Sustainable Futures Institute Receives $750,000 NSF Grant

By Jennifer Donovan | Published

The Sustainable Futures Institute (SFI) at Michigan Technological University will receive $749,996 from the National Science Foundation (NSF) to develop a research roadmap on biofuels and bioenergy sustainability in the Pan American region and a graduate course in biofuels/bioenergy sustainability, to be offered over the Internet to US and international partner universities.

The three-year grant is one of 11 nationwide totaling $8 million. It is part of NSF's Science, Engineering and Education for Sustainability (SEES) efforts in its Research Coordination Networks (RCN) program.

"This award continues the long record of sustainability research and education at Michigan Tech and significantly increases the visibility of the University and the Sustainable Futures Institute in international sustainability discussions," said David Shonnard, Robbins Chair Professor in Chemical Engineering and SFI director.

SFI is leading the preparation of a larger NSF proposal addressing the same topic: Pan American Biofuels / Bioenergy Sustainability.

"A sustainable world is one in which human needs are met without harm to the environment and without sacrificing the ability of future generations to meet their needs," the NSF said in a news release announcing the awards.  "Scientists believe that this formidable task requires a substantial increase in understanding the integrated system of society and the natural world along with the alterations humans are making on Earth. NSF's SEES activities are addressing this need by supporting interdisciplinary research and education leading to a better understanding of, predictive capability for, and solutions to environmental challenges.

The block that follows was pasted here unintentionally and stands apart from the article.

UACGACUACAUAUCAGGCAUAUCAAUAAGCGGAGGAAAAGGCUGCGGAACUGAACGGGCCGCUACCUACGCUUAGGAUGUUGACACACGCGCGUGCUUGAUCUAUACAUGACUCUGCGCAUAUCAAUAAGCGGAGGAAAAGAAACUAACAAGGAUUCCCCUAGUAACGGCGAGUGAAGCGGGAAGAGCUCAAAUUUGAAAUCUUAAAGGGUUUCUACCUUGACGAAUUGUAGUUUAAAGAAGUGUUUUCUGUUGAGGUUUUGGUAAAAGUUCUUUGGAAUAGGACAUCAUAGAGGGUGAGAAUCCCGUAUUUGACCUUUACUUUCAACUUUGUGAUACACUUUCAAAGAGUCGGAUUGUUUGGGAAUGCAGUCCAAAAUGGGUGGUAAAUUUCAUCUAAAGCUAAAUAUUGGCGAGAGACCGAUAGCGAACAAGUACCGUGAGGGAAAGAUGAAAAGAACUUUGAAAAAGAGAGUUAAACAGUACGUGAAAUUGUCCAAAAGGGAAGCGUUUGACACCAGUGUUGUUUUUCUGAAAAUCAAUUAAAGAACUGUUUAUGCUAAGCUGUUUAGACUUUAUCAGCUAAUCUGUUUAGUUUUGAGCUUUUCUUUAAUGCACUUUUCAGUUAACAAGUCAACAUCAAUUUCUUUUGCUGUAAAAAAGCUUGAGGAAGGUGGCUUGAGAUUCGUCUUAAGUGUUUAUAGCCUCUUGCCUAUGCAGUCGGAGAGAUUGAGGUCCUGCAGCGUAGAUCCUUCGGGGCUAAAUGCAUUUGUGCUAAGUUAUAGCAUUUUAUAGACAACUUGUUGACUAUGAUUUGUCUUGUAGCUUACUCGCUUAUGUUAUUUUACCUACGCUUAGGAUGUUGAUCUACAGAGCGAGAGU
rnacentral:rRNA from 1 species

"The RCN program's goal is to advance a field or create new directions in research or education," NSF went on to say. Through these grants, groups of investigators coordinate their research, training and educational activities across disciplinary, organizational, geographic and international boundaries.

The program fosters new collaborations, including international partnerships and addresses interdisciplinary topics."

Michigan Technological University is a public research university, home to more than 7,000 students from 54 countries. Founded in 1885, the University offers more than 120 undergraduate and graduate degree programs in science and technology, engineering, forestry, business and economics, health professions, humanities, mathematics, and social sciences. Our campus in Michigan’s Upper Peninsula overlooks the Keweenaw Waterway and is just a few miles from Lake Superior.